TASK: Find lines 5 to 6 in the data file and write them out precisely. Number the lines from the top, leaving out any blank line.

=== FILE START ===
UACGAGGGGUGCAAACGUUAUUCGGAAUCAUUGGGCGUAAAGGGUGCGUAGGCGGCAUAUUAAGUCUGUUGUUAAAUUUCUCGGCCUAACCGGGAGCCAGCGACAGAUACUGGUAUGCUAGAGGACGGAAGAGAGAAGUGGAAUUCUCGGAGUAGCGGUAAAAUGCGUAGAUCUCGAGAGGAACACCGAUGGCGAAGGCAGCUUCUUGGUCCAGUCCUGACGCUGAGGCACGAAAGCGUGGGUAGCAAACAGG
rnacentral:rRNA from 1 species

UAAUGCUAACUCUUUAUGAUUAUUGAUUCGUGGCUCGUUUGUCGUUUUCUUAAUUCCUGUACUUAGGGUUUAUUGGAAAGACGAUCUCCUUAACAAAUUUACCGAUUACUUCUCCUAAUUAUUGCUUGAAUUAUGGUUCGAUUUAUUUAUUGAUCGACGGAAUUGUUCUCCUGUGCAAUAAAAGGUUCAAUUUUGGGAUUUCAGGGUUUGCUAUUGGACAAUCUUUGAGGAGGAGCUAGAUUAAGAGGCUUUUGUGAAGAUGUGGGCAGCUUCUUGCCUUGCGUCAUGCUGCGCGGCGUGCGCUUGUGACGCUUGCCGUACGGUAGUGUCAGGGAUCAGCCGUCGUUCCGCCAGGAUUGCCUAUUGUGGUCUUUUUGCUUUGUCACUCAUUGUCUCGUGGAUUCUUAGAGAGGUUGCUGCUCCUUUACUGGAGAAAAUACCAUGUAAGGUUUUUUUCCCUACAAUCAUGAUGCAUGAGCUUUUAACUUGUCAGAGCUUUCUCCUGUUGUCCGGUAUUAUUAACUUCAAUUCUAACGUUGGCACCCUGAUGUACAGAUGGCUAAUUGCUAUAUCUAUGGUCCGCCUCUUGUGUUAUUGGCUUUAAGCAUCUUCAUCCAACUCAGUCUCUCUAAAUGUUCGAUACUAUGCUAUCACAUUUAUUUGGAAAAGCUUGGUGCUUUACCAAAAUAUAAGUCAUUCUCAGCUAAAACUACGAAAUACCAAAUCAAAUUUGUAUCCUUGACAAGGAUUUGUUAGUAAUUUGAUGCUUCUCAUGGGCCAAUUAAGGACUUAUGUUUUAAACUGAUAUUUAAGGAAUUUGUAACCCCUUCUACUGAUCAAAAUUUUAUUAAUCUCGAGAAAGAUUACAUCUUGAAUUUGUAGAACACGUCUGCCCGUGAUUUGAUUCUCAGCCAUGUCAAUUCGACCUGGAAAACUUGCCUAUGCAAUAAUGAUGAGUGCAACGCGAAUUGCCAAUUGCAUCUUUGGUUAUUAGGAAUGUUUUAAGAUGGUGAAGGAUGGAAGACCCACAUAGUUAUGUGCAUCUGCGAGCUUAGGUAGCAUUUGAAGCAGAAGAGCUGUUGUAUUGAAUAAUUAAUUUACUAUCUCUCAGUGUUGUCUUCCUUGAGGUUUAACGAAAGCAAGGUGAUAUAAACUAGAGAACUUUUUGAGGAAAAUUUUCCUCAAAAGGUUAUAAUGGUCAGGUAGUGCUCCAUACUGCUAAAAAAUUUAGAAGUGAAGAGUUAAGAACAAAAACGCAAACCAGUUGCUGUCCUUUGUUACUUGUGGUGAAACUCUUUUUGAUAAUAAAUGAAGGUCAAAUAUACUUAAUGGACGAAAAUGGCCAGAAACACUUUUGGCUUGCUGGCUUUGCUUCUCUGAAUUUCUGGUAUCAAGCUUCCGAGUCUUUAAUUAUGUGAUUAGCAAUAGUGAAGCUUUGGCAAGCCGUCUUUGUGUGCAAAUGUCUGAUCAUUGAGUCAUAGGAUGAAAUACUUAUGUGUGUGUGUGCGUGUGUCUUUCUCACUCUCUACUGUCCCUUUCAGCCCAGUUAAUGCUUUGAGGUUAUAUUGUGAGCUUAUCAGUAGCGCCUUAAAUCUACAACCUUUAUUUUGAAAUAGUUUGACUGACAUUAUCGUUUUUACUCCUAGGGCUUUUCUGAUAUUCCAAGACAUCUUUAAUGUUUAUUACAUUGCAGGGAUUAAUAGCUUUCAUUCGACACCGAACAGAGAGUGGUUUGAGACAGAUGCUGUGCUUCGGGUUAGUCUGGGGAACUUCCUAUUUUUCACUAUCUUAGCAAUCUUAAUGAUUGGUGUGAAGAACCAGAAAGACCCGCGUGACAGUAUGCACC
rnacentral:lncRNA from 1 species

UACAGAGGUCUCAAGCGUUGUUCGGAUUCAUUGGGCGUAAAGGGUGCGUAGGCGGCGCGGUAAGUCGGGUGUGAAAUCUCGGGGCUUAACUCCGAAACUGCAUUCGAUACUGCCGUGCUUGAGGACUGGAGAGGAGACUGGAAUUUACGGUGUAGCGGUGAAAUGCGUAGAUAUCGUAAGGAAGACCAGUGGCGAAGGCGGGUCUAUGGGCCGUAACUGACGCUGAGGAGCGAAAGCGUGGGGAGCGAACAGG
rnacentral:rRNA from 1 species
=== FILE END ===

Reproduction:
UACAGAGGUCUCAAGCGUUGUUCGGAUUCAUUGGGCGUAAAGGGUGCGUAGGCGGCGCGGUAAGUCGGGUGUGAAAUCUCGGGGCUUAACUCCGAAACUGCAUUCGAUACUGCCGUGCUUGAGGACUGGAGAGGAGACUGGAAUUUACGGUGUAGCGGUGAAAUGCGUAGAUAUCGUAAGGAAGACCAGUGGCGAAGGCGGGUCUAUGGGCCGUAACUGACGCUGAGGAGCGAAAGCGUGGGGAGCGAACAGG
rnacentral:rRNA from 1 species